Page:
"This is the most transit-dependent community in L.A. County. It will give them access to jobs, schools, medical care and other opportunities," said MTA spokesperson Marc Littman. "There's going to be development here, there's going to be housing and business opportunities."
For $1.25, the train will take you from East L.A. to downtown L.A. in about 17 minutes. The eastside extension of the Gold Line will run every 8 minutes during the morning commute, then every 12 minutes during the day.
Yazmin Garcia and her mother took the new eastside extension from Highland Park all the way to Boyle Heights. Before the extension, they had to transfer to a bus downtown.
"It would take about 15 minutes, and then from the bus, it'll take like 45 minutes more, so this really cuts back on, I'd probably say like 20 to 30 minutes," Garcia said.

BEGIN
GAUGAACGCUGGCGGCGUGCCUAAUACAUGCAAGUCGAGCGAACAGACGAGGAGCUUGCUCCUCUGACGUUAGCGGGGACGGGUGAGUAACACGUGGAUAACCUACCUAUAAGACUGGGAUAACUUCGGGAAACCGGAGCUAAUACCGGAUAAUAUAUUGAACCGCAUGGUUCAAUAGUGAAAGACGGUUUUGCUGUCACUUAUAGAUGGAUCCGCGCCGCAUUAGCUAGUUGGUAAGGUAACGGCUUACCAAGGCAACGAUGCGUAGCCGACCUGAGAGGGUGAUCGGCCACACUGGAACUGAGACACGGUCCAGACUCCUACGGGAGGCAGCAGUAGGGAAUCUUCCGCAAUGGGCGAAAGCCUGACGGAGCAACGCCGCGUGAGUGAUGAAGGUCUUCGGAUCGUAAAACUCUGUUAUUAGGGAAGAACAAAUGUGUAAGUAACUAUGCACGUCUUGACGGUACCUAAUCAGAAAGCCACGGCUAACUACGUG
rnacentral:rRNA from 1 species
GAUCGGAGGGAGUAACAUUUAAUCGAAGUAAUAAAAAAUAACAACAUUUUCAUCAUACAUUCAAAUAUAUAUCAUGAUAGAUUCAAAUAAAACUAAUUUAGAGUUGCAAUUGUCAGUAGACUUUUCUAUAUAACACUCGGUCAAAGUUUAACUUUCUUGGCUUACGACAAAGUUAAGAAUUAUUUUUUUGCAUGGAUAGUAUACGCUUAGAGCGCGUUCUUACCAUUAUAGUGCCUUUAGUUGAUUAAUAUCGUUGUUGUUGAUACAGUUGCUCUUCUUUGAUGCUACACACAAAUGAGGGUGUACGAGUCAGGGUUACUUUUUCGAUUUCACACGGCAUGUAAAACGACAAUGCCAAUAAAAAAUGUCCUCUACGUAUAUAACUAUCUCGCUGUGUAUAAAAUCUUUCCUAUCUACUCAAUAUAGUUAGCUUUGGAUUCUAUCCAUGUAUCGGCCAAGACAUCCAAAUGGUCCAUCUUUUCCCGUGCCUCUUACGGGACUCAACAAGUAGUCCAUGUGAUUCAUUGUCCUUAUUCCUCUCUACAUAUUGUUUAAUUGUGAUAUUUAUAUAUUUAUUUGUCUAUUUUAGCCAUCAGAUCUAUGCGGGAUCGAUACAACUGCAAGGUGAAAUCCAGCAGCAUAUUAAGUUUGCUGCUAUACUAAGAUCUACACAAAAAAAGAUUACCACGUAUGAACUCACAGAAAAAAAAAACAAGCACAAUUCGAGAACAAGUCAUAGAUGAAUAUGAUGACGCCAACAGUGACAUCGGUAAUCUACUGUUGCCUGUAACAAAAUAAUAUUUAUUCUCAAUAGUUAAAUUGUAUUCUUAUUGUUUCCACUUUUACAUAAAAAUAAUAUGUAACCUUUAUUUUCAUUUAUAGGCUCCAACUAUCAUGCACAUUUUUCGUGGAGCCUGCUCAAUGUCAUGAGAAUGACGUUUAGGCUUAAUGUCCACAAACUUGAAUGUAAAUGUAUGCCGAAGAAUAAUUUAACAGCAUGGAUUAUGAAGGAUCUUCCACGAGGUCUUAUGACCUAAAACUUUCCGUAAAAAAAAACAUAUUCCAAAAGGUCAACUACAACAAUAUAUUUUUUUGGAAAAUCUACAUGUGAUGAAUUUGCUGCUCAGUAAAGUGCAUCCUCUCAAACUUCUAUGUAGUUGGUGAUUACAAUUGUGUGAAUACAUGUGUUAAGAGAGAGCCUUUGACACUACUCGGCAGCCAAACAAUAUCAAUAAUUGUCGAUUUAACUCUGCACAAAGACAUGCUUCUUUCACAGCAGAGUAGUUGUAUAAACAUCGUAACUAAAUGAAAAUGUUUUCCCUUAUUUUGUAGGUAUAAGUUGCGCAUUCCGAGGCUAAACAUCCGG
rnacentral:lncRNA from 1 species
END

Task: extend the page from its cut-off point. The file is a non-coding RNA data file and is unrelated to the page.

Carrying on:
There are eight new stops along six miles of track, and two of them are underground. The nearly $900 million project took about five years to build and was many years in the planning.
Above ground, the trains will travel up to 35 mph, but the 1.7 miles of underground track allows the trains to travel up to 55 mph.
Traffic enforcement will direct pedestrians around crossings as an added safety measure.
Metro believes ridership will increase as more people hear about the six new miles of the Gold Line.